Step 3. Setting up assignments

Our database workflow is interested in two status changes – either all parties are signed and signed document is ready to download, or at least one party is declined. In HelloSign case, every event payload is uniform and provides full information about the signature process, we simply need to capture a couple of fields out of event payload: event_type, signature_request_id (as it uniquely identifies document record sent for signature), is_complete and is_declined. First two are of text type, latter two are boolean/checkbox.

Let’s create assignments.

Step 4. Workflow logic

With assignments set up we’ll have event data we are interested in as records in HelloSign Events table. Now we need to set up the mechanism to update document’s status and download the file.

Let’s add workflow logic to the HelloSign Event table. When you send document for signature, signature request id is assigned to HelloSign Request ID column of the Documents table. HelloSign Event table also has HelloSign Request ID captured, let’s create the many-to-many relation between these two tables and match records by HelloSign Request ID and add Recordset column to it. This column will allow us to update matching document record from HelloSign Event record.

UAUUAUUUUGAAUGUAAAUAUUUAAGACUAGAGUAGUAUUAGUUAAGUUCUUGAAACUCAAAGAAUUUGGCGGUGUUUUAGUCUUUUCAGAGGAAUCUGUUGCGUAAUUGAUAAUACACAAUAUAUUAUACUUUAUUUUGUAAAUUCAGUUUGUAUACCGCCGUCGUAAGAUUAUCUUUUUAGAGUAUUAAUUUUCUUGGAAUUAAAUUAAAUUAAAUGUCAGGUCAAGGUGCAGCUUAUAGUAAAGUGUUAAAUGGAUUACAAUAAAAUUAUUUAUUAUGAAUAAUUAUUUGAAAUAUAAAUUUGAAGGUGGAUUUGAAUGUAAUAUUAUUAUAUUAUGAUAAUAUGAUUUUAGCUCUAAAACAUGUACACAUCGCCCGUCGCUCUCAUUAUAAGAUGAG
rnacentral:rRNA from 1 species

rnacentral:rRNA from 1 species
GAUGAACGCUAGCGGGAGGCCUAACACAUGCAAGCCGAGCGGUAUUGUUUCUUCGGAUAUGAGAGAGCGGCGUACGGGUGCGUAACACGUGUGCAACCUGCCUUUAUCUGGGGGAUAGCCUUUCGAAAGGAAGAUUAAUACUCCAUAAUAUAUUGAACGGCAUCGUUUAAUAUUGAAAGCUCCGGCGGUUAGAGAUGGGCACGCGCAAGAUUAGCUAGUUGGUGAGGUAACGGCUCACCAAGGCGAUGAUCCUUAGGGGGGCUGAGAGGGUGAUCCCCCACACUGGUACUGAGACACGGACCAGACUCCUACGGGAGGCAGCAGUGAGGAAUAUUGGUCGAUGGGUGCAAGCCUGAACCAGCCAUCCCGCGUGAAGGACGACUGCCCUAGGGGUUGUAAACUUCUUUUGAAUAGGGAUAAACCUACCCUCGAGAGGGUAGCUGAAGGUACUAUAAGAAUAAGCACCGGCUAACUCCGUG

Now let’s add a trigger

And an update action to a trigger:

Ok, now setup is complete. It’s time to let webhook process pending events to see if it works correctly.

And after some time the queue gets processed

And final step is to visit document record to ensure its status is Complete and file is downloaded 🙂

Other applications

Some web services that perform potentially lengthy operations (for example CloudConvert API v1 and Stripe Checkout) accept URLs to call when operation is complete or cancelled (callback URLs). These URLs are not exactly webhooks. They are one-time runners and do not require upfront registration, you provide them as a part “start operation” payload. But you can still use TeamDesk webhooks to process incoming data.